Historical Cub Sleuthing: 1940s Color Film Edition

Historical Cub Sleuthing: 1940s Color Film Edition

Here’s a video I found that was titled “The Cubs Game, Wrigley Field, Chicago, Early 1940s.”

The scoreboard is clearly visible at the beginning of the video, as you can see at the top of this post. Here is that image again:

Mike Bojanowski and I went back and forth on this for quite some time. Finally, he hit the bulk of it, and this is what he sent me.

Al threw this my way recently, we figured we could make a date. This movie actually shows two different games, we got the first one and are undecided on the second one.

The film first shows a shot of Wrigley, with a partial view of the CF scoreboard, then two very quick cuts to the game action, then a few seconds of Charlie Grimm playing catch, then a few quick cuts to game action from another day.

As the math teachers in my class used to say, show your work.

The board is always the best test and the best starting point. The NL team’s games are out of the cut, but the AL games are fully visible and can be distinguished due to the letterforms and names. From top to bottom: Sox/Boston, St.Louis/New York, Detroit/Washington and Cleveland/Philadelphia. This places 1953 (St. Louis AL), as a bracket on one end, and 1944 (green board, previously painted a rich red, original color can still be seen on the outer gates), as a bracket on the other side . The presence of Grimm strongly suggests a 1944-49 time frame, but I looked at all 1944-53 to be on the safe side.

Although the team’s matchups on the NL side are not visible, that side of the table still provides important data. The highest pairing (Cubs’ score, the Cubs were in the lead then), indicates a doubleheader, the second game in a row. The second pairing shows “NITE GAME” (two lines), the third shows another double, second game in progress. The last pairing, just visible, shows a one line motto, this is “NO GAME”, the style at the time was to show Nite Game as two lines in a single pairing and “No Game” as one line.

The AL side tells us that the Sox/Boston game is the final, that St.Louis/New York is “CLOSED” (BTW, this is the only image I’ve ever seen that shows such a display), and finally the other two remaining matches are “NITE GAME”. That’s pretty much it should be extremely possible, once we have a possible matchup we usually go to Baseball-Reference for confirmation of the details.

I started by looking for all the 1944-53 Cubs doubleheaders that matched AL lineups, there were 17 of them, but none exactly matched the details shown on the chart, per BB-Ref. I then went another route, looking for all the St.Louis/New York postponements in the New York AL that coincided with a Cubs DH. There was only one such date: Wednesday, July 18, 1945. An entire series of Browns were dealt to New York and drafted as DHs later in the season.

This should be resolved, but BB-Ref could not absolutely confirm the details. For example, there were three NL doubleheaders that day. The table shows two, these should be the Cubs games and the Giants/Pirates games in the Eastern time zone. The third is a DH Phillies/Cardinals in St. Louis. This is “NITE GAME” on the board. The first game probably hadn’t even started. The Reds and Braves did not play that day and would be a “NO GAME”. This clears the NL side.

The point of attachment is the AL side. The White Sox played a single game in Boston, that game shows a final. The StL/NY game has been postponed. Detroit/Washington was a two night DH. The Cleveland/Philadelphia game is called a night game, BBRef says it’s a day game, that’s the main sticking point.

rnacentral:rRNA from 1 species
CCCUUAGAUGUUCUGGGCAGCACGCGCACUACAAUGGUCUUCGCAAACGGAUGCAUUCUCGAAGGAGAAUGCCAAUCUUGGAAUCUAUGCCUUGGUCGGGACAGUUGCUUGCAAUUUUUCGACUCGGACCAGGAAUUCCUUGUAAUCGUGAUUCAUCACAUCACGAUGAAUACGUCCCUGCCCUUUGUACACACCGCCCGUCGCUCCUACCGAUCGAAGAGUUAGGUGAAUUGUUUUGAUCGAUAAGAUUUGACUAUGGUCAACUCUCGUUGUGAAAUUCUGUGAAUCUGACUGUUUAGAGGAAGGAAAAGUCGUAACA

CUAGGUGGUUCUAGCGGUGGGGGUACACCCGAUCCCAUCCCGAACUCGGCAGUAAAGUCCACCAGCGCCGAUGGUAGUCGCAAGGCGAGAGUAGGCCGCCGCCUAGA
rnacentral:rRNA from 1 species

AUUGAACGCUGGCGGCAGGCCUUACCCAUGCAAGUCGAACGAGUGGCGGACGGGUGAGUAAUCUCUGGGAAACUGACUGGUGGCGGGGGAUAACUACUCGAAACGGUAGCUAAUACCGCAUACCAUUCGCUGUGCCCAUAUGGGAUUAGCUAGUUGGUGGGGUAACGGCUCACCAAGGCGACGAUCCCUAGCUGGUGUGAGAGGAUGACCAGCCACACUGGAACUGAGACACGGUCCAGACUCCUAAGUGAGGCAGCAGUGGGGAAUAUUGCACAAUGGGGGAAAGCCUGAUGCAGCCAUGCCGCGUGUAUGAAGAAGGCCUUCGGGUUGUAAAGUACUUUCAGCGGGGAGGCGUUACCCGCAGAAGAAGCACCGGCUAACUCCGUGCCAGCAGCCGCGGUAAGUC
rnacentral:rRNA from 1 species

Everything else matched, so I sent Al on a search of his subscription newspaper archives and he found that the Washington game was, after all, a night game, BB-Ref made a mistake. So both sides of the board are clear, this should be July 18, 1945, a doubleheader against the Dodgers; The Cubs split this one, winning the first game 5-0, losing the second 9-5.

We can go further, the board says this is the bottom of the seventh, one out, Dewey Williams (No. 12) at bat (he walked). The scene then ends on the diamond, the first cut doesn’t show anyone at first, so Williams still hasn’t walked. The next cut shows Heinz Becker’s double later that game that scored two runners. This provides final confirmation of the date.

The film then shows game action against the Cardinals. We are on much shakier ground here, we have no table to use to parse a date. Assuming the cuts are all from the same game, we have two matches at first base. First a Cubs batter pops 3U, the Cardinals pitcher steps in to cover the bag, but it’s not necessary. Cardinals first baseman is left-handed (probably Musial), Cardinals pitcher is right-handed. Then, a Cubs first baseman throws a throw down the left side of the infield. The first pitcher is left-handed and obviously wears the number 4. The Cubs pitcher, just visible at the top of the frame, is left-handed. This should actually be doable as well, but there are problems, without at least a year, there is a lot of potential game stock to cut. It’s almost certainly after 1945, as Musial didn’t play in 1945. I looked at all the 1946-47 Cubs/Cardinals games and couldn’t find one that matched the details we have.

And who the hell is no. 4? There is no record of that number being used by the Cubs during the 1943-48 period. Hal Jeffcoat wore it from 1949, but was right-handed and never played first base. We may have a case similar to the Bob Ramazzotti sleuth we did a few weeks ago, a Cub wearing a previously unattributed number.

Still, a pretty cool color film of Wrigley Field from nearly 80 years ago. I hope you enjoyed all the details. If you think you can figure out who number 4 is later in the video, let us know in the comments.

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